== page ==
Known as intersectional hybrids, the Itoh peony combines qualities from both of its parent plants: tree peonies and herbaceous peonies. As a result, they have enormous, long-lasting blooms and strong stems, as well as dark green, lush, deeply lobed foliage that lasts until autumn. Since they also have the mounded growth habit of herbaceous peonies, they’ll die back to the ground in the winter.
With flowers that can spread up to eight inches across and petals that encircle yellow stamens, Itoh peonies come in a variety of vibrant colors including coral, pink, red, and white as well as their signature yellow.
As with most peony species, these plants make beautiful additions to cut flower arrangements, and they are considered easy to grow, remarkably beautiful, and even have a fragrant lemon scent. They can often be found in perennial borders as well as mixed with other shrubs, but Itoh peonies also work as a stand-alone plant or in groups--even as hedges.
Named after Japanese botanist Toichi Itoh, who was the first to successfully cross a tree peony with a herbaceous peony in the 1940s, the Itoh peony became beloved for both its lush green foliage and giant beautiful blooms. It remains highly in demand to this day.
How to Grow Itoh Peony Plants
Itoh peonies are prolific bloomers—they can grow vigorously to three feet tall and four feet wide—and will grow a second set of blooms. Once they're established, they have an extended blooming period.
You can expect 30 blossoms the first year and up to 60 on a mature bush. Itoh peonies are also resistant to peony blight, and since they’ve inherited the tree peony’s strong stems, gardeners won’t have to worry about staking since they are unlikely to bend over in wind and rain.
They resemble tree peonies thanks to their vigorous, domed growth and large double flowers, and their dark green foliage is known to be largely disease resistant.
The Itoh peony’s foliage will grow dense and healthy in full sun, but its flowers will typically last longer if they are exposed to some light shade.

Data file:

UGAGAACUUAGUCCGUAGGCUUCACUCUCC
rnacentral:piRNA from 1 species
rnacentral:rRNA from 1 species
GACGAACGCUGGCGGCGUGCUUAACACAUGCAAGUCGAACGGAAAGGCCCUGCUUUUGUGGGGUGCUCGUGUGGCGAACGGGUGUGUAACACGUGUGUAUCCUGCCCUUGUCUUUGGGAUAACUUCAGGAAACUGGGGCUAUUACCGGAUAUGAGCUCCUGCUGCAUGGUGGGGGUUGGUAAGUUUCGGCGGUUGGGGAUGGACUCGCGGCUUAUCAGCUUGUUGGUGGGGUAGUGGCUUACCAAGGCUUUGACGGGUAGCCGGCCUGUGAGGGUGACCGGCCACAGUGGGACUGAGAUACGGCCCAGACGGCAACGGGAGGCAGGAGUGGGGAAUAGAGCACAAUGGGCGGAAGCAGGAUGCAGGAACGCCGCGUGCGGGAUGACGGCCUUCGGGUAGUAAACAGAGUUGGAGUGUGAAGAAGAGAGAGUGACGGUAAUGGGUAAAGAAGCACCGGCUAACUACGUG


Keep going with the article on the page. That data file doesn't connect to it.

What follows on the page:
You'll want to water your Itoh peonies in spring as new growth emerges, provided there's no natural rainfall for more than two weeks. Water lightly twice a week, but avoid drowning the soil.
Be sure to plant Itoh peonies in rich, well-drained soil; they are sensitive to high levels of nitrogen.
Temperature and Humidity
Itoh peonies are known to be cold hardy. However, much like their tree peony parents, Itoh hybrids are primarily recommended for warmer climates (like southern California).
When fertilizing your Itoh peonies in the spring and summer months, be sure to choose a fertilizer that contains a low level of nitrogen (such as 4-10-12). You’ll want to avoid fertilizing peonies in late summer to fall.
Potting and Repotting
Itoh peonies have large roots, so, when potting, be sure to choose a container that’s a minimum of 18 inches wide and deep. The pot should also have excellent drainage. Though they can tolerate some cold, it's recommended to move your container indoors for winter.
Propagating Itoh Peonies
Crown division is the traditional method of propagating all Itoh peonies.
Some Varieties of Itoh Peonies
- Bartzella: Very large with bright yellow double blossoms and a slight red center stain; flowers have a slightly spicy scent
- Keiko: Large, semi-double to double flowers; dark lavender-pink petals fade to a soft pink
- Yankee Doodle Dandy: Semi-double to double blooms of deep pink with cream undertones; upright stems don't require any staking
Itoh peonies can be deadheaded on an as-needed basis throughout the spring and summer months. In the fall, cut them about four to six inches from the soil level. Like herbaceous peonies, Itoh peonies will come back in the spring from the ground. In fall, you can divide Itoh peonies the same way you would divide herbaceous peonies.